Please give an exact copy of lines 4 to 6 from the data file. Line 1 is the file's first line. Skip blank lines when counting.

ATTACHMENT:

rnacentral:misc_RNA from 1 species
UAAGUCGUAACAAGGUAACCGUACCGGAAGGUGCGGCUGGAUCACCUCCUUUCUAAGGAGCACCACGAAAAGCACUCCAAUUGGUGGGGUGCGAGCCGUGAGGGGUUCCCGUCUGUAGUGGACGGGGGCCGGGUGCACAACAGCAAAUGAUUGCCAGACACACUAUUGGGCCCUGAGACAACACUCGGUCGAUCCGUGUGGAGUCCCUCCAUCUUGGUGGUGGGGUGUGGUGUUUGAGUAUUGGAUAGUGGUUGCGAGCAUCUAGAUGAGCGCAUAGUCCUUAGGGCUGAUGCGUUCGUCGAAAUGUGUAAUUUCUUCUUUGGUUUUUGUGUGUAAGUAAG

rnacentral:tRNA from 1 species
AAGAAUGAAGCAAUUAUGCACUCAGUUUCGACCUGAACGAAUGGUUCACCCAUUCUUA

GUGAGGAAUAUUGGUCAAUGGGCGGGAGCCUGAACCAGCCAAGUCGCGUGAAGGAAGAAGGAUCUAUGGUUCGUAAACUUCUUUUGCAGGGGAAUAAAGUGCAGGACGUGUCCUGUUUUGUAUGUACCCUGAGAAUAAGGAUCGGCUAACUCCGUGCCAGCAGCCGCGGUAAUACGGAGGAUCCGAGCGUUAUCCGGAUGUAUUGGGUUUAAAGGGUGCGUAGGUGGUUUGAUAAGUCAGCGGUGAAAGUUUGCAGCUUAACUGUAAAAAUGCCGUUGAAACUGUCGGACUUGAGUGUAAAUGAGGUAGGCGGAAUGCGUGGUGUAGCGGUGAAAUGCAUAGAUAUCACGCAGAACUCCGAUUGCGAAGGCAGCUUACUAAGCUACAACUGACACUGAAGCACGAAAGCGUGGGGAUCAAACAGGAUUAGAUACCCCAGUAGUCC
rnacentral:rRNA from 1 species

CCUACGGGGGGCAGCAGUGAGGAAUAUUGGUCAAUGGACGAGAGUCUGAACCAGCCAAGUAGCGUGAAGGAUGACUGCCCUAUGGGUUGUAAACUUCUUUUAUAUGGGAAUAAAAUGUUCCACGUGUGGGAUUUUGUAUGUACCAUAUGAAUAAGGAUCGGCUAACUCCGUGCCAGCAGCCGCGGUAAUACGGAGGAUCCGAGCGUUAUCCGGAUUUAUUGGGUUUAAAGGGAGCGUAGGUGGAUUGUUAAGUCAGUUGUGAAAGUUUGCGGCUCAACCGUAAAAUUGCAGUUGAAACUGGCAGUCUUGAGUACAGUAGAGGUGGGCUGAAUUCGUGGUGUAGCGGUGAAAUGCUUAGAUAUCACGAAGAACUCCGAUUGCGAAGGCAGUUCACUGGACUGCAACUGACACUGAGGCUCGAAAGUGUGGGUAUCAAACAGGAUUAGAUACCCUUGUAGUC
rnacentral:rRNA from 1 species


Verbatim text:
AAGAAUGAAGCAAUUAUGCACUCAGUUUCGACCUGAACGAAUGGUUCACCCAUUCUUA

GUGAGGAAUAUUGGUCAAUGGGCGGGAGCCUGAACCAGCCAAGUCGCGUGAAGGAAGAAGGAUCUAUGGUUCGUAAACUUCUUUUGCAGGGGAAUAAAGUGCAGGACGUGUCCUGUUUUGUAUGUACCCUGAGAAUAAGGAUCGGCUAACUCCGUGCCAGCAGCCGCGGUAAUACGGAGGAUCCGAGCGUUAUCCGGAUGUAUUGGGUUUAAAGGGUGCGUAGGUGGUUUGAUAAGUCAGCGGUGAAAGUUUGCAGCUUAACUGUAAAAAUGCCGUUGAAACUGUCGGACUUGAGUGUAAAUGAGGUAGGCGGAAUGCGUGGUGUAGCGGUGAAAUGCAUAGAUAUCACGCAGAACUCCGAUUGCGAAGGCAGCUUACUAAGCUACAACUGACACUGAAGCACGAAAGCGUGGGGAUCAAACAGGAUUAGAUACCCCAGUAGUCC
rnacentral:rRNA from 1 species